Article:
GL: Social problems are a frequent phenomenon that needs to be talked about, trying to find solutions and improving the situation in society. Violence, wars, discrimination - these are the topics that I also discuss in my works, those showing the evil side of human nature. I try to show the despair, hence the torn bodies expressing a cry for help, such as the painting entitled “Pain”, which is intended to draw the viewer's attention to the problem of sufferers, especially women who are victims of aggression or terror. The artwork shows a wounded, incomplete female body that is torn apart by aggressive hands symbolizing violence and hatred. With my work, I not only wanted to raise the subject of the physical suffering of women but also to draw attention to the fact that nowadays in many countries women still do not have their rights, they are persecuted and humiliated. I do not mean fighting for gender equality, but about treating women as human beings, not as inferior. My painting also has an element of hope, it is the hand extended in a gesture of consolation from the upper right side. With this gesture, I wanted to express my voice that we should all fight for ourselves and our better tomorrow, and also to support each other. The paintings “Collusion” and “Connivance” criticize lies and deceit, some of the worst traits of the human character. Both works show two figures who are plotting, planning something bad, and colluding. In turn, “Unbreakable” tells about war and the unyielding struggle of people, which is why the body stands upright despite torn arms and the body tied with a rope. It is a composition showing the drastic effects of wars but glorifying the heroic attitude of a man who does not give up. I hope that my way of discussing difficult topics will draw viewers' attention and make them think about being more empathetic to others. For my little voice to be heard and for the people to experience a change for the better. Sometimes I take part in charity auctions, sometimes I donate money to sick children or animal shelters. I use ecological materials (certificate folders, thank you envelopes, business cards) to reduce littering of the environment. If everyone at least tried to be a better person, be more helpful and nicer to others, and change attitude for the better, the world would also become a better place.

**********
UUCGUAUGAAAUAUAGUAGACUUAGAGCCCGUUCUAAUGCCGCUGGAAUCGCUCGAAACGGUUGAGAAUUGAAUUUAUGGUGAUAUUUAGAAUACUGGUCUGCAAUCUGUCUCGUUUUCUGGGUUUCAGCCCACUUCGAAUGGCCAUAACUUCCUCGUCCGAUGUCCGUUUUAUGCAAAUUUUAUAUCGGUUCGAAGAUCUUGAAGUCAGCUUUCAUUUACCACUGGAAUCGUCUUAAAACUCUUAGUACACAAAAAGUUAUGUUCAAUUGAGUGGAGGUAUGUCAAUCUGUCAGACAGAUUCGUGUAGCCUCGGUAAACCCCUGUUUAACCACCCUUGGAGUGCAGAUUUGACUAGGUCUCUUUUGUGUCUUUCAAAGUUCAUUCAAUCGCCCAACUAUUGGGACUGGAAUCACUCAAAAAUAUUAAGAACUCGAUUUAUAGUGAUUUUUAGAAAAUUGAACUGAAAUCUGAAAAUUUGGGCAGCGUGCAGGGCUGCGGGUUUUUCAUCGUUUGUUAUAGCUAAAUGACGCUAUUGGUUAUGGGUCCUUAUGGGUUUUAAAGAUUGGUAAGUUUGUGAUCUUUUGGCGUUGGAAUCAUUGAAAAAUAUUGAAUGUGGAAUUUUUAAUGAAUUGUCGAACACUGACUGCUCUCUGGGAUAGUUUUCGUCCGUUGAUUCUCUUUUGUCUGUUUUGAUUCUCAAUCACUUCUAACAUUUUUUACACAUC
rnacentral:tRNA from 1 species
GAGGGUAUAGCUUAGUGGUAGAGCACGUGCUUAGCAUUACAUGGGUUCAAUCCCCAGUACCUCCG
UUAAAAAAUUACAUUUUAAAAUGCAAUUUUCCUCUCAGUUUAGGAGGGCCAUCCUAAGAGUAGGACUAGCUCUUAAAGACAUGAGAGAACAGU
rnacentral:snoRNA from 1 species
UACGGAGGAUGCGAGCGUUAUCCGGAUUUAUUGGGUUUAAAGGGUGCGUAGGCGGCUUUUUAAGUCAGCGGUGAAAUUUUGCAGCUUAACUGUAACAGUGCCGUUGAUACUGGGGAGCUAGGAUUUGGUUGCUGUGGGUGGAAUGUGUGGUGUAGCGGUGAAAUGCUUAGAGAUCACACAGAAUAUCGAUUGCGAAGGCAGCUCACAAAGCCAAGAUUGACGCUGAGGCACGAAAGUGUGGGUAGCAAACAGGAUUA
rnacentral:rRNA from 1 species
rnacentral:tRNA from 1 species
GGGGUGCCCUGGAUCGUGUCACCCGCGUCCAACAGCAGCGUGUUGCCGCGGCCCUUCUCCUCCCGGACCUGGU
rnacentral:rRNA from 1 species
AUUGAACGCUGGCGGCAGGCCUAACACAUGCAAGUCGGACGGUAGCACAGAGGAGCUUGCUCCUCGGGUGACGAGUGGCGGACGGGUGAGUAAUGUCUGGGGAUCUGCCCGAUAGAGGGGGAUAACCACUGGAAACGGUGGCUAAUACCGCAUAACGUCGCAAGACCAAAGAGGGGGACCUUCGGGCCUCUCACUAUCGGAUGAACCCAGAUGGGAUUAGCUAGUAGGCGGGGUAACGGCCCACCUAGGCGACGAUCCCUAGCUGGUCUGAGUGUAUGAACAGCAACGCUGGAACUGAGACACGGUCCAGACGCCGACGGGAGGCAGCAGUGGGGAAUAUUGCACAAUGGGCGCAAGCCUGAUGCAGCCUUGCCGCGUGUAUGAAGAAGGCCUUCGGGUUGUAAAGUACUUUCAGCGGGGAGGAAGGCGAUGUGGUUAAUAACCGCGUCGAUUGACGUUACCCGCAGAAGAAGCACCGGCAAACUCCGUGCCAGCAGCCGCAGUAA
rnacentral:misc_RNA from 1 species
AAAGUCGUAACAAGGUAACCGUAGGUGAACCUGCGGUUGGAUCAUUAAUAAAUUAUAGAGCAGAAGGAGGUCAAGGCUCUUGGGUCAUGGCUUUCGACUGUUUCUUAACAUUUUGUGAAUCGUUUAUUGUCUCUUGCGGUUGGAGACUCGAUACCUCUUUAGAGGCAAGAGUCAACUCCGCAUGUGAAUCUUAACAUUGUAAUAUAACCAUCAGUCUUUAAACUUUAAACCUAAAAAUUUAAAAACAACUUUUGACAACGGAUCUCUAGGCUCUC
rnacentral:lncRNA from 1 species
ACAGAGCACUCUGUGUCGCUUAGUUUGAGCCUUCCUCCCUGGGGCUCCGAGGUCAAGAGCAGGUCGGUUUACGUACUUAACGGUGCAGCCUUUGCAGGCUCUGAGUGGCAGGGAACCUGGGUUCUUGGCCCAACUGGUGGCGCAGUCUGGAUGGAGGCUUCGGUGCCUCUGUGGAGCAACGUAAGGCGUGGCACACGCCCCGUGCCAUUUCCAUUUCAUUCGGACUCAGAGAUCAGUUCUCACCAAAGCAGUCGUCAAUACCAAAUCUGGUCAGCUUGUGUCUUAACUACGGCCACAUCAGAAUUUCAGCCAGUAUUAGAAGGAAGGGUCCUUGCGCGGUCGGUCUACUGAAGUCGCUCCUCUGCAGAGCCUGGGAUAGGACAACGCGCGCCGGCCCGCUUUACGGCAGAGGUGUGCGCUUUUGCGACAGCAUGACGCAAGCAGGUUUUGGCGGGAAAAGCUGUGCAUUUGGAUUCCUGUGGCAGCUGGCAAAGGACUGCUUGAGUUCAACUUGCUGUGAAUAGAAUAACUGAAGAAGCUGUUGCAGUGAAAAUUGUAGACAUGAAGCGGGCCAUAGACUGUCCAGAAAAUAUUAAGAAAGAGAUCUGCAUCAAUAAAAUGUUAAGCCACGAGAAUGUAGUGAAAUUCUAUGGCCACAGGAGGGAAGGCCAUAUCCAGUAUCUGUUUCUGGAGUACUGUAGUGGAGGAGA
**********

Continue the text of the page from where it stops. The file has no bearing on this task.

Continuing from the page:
Gaya Lastovjak, Connivance, 2021. Courtesy of Teravarna

Kooness: What factors influence the value of your works?

GL: Many factors influence the value of my work. First of all, I developed my artistic language. This is a very important issue. I also have my own, original technique, the secrets of which only I know, i.e. specific materials, proportions and durability. I wrote to people who bought my paintings a long time ago and although my works seem delicate, they are durable. They can only be damaged by external factors, such as crushing, but if proper installation on the wall and safe transport are ensured (I take great care of this), the painting will last for centuries. Another aspect of the value of my works is artistic awards. I started taking part in competitions in 2021. In the period 2021-2023, I won 29 international awards and nominations, which significantly increased the value of my work. The same can be said about exhibitions. I have exhibited my paintings in Italy, Austria, Spain, Netherlands, Poland, Portugal, Monaco and other countries around the world. The most important exhibitions in which I participated were the 59th Venice Biennale, the International Contemporary Art Fair in Monaco, the exhibition at the Venanzo Crocetti Museum in Rome and the Van Gogh Gallery in Madrid, the VIIIth edition of RAW (Rome Art Week) at the Palazzo della Cancelleria Vaticana, the XIVth Florence Biennale, Warsaw Art Fair and many others. It is also worth mentioning that the price of a specific painting depends on its achievements. Work that has won awards in competitions or been shown at prestigious artistic events will certainly be more expensive. The last issue is technique. Since it is complicated and time-consuming, only a few paintings are created each year; I made a maximum of fourteen works in one year (it was 2021). In 2023, I only did seven. It is also worth noting that I use high-quality materials and some of the most expensive oil paints on the market. I do not make replicas, each painting is different and I care about its uniqueness.

Gaya Lastovjak, The harmony of wholeness, 2022. Courtesy of Teravarna. 

Kooness: What are your ultimate career goals?

GL: I would like my art to reach a wider audience, and make people think about themselves and their world. I plan to create innovative and very interesting works, positively surprise and encourage people to interact with art. To show my works in prestigious art galleries and artistic events. My dream is to one day appear at Tate Modern, Moma or at an auction at Sotheby's. Of course, win more awards, increase the value of my art, work hard and develop all the time.